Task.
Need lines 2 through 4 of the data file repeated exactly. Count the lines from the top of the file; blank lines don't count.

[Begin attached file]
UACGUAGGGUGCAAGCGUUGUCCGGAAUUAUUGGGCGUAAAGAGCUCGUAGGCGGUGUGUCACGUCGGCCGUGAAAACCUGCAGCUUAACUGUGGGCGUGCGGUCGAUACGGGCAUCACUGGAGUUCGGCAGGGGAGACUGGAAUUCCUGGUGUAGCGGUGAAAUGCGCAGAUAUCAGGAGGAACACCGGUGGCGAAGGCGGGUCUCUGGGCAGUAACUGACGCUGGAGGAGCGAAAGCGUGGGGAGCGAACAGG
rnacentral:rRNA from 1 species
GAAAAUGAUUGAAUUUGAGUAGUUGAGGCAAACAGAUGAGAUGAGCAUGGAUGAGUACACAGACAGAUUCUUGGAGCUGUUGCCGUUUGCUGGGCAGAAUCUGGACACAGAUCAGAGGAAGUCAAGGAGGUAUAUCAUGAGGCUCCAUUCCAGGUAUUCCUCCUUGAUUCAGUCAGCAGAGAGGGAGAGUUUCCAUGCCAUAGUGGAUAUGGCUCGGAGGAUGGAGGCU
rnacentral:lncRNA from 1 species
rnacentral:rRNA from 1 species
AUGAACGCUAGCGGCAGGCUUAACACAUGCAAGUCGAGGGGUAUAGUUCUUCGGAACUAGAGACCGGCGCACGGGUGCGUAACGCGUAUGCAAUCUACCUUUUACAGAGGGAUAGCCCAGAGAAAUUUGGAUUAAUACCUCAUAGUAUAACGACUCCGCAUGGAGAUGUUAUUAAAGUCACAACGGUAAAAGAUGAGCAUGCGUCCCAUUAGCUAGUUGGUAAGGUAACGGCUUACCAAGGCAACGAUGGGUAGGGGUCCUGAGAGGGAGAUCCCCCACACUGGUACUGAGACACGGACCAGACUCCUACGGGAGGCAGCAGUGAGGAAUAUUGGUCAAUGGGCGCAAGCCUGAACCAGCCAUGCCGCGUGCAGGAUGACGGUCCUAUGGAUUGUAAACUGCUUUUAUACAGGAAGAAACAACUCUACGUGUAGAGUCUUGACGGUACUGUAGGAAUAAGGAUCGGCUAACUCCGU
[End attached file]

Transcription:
rnacentral:rRNA from 1 species
GAAAAUGAUUGAAUUUGAGUAGUUGAGGCAAACAGAUGAGAUGAGCAUGGAUGAGUACACAGACAGAUUCUUGGAGCUGUUGCCGUUUGCUGGGCAGAAUCUGGACACAGAUCAGAGGAAGUCAAGGAGGUAUAUCAUGAGGCUCCAUUCCAGGUAUUCCUCCUUGAUUCAGUCAGCAGAGAGGGAGAGUUUCCAUGCCAUAGUGGAUAUGGCUCGGAGGAUGGAGGCU
rnacentral:lncRNA from 1 species